Workplace stress is an increasingly widespread problem. The 2018 UK Workplace Stress Survey reveals that only 9% of us say we never experience workplace stress, while one in five UK workers say they experience moderate to high levels of stress caused by work multiple times per week.
This stress manifests itself in a number of ways. The survey reveals sleep loss, anxiety, disrupted concentration, comfort eating and a decline in productivity to be the most prevalent effects of workplace stress - detrimental not only to employees’ health and wellbeing, but to business performance, too.
Poor mental health accounts for the loss of 15 million working days per year - costing the UK economy an estimated £94 billion. It’s a costly problem for businesses, which is why so many are now working to introduce workplace wellbeing schemes that aim to keep employees both physically and mentally happy, healthy and productive - benefiting both the companies themselves and the people who work there.
But how can you establish where this support is most needed, especially when mental health remains a topic that many feel uncomfortable talking about? The answer could lie in cortisol testing - a tool that is newly available here at Cansford Labs.
What does cortisol have to do with stress?
Cortisol is a hormone that regulates a huge number of processes within the human body, including metabolism and blood sugar levels, and it is also a potent anti-inflammatory. It’s most well known, however, for being the body’s primary stress hormone, working with the brain to control our fear, mood and motivation.
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Produced by the adrenal glands, cortisol is released into the bloodstream, with the amount released depending on signals from the brain. The body’s cortisol needs will vary depending on the time of day and on your current situation, with cortisol able to shut down certain other functions - including those of the immune system, the reproductive system and the digestive system - to enable the body’s “fight or flight” mechanism to kick in.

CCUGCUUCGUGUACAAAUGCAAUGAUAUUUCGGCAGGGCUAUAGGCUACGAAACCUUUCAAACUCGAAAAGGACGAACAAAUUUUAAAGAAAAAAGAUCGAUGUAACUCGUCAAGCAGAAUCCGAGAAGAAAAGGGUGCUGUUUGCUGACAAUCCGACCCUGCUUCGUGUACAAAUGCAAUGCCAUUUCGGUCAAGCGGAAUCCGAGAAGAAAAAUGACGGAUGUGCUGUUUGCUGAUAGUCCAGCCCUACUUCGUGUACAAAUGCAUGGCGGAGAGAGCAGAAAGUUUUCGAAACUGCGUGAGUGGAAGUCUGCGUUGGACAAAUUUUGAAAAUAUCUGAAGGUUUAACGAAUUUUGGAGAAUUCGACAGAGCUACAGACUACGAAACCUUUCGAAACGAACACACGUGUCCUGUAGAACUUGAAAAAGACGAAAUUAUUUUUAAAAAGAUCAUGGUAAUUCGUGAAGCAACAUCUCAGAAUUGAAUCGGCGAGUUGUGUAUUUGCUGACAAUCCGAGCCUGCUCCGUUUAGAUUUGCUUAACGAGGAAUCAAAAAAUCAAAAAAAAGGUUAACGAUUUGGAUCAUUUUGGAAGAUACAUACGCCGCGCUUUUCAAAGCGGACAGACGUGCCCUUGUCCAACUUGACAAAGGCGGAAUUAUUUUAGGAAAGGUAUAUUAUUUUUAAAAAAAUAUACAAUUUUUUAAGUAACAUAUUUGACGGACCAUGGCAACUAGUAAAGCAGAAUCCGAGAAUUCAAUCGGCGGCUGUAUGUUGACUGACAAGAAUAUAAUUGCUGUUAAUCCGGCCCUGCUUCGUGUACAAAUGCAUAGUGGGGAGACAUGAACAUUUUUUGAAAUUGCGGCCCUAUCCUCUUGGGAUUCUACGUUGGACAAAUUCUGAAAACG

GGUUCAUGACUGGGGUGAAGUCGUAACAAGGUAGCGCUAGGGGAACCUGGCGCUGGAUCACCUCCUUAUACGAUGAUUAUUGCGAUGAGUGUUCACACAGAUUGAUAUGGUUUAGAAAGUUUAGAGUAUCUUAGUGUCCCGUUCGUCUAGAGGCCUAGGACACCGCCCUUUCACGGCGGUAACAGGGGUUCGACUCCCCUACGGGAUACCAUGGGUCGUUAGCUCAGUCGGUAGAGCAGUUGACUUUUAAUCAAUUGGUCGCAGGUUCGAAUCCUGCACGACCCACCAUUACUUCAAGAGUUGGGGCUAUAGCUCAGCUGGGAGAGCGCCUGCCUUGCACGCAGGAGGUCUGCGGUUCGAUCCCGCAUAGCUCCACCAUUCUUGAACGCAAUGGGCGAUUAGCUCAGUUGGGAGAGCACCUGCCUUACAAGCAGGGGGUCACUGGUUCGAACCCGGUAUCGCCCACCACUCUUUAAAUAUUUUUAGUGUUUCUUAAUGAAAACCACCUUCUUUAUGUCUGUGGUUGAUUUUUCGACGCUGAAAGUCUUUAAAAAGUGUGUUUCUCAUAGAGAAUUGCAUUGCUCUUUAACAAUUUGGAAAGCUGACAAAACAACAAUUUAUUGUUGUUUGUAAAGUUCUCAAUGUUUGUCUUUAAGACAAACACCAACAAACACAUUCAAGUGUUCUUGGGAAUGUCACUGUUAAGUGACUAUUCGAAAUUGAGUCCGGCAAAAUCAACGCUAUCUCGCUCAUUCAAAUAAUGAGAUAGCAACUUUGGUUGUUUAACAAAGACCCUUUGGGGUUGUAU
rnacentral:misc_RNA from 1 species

Increased stress levels, therefore, are evidenced by increased levels of cortisol. And these levels can be detected via hair testing.
Measuring stress through hair testing
In a bid to aid employers in their efforts to support their workers, we've developed, and refined, a hair test that measures levels of cortisol in the body. This can be an important indicator of stress in humans and animals. It could form part of an employee well being programme for instance.
While cortisol levels can also be detected in oral fluid, blood and urine, hair testing offers multiple benefits. By using hair, we can gain a longer-term view of an individual’s stress levels, with just one centimetre of hair able to show average cortisol levels over the previous month.
Hair testing will also reflect the presence of cortisol in the body even when it is being supplemented - and can be used in a variety of circumstances where it may be tricky or impractical to collect a blood, urine or oral fluid sample.
Cortisol tests have already proved their worth in other settings. Humans are not the only animals that produce the hormone in reaction to stress. Here in the UK, cortisol testing has demonstrated its value in the farming sector, with such tests being used both to monitor the welfare of pigs, and to ensure that stress levels are kept low in dairy cattle to keep milk production high.
Eliminating the problems caused by workplace stress
We’re excited about the prospect of introducing hair cortisol tests to UK workplaces. Creating a way for employers to measure and monitor employees’ stress levels could form an important part of managing wellbeing in the workplace in the years to come - avoiding burnout, reducing hours lost due to employee stress, and working to get those affected the help they need.
With workplace stress an increasingly problematic issue in the UK, employers who can demonstrate that they genuinely care about their workers’ wellbeing will find themselves reaping the rewards in terms of attracting talent, productivity, staff loyalty and retention and much more.
Testing for workplace stress can be an important part of an overall workplace wellbeing policy, designed to keep workers happy and healthy and your business running smoothly. To find out how drug testing can also play a part, click here.
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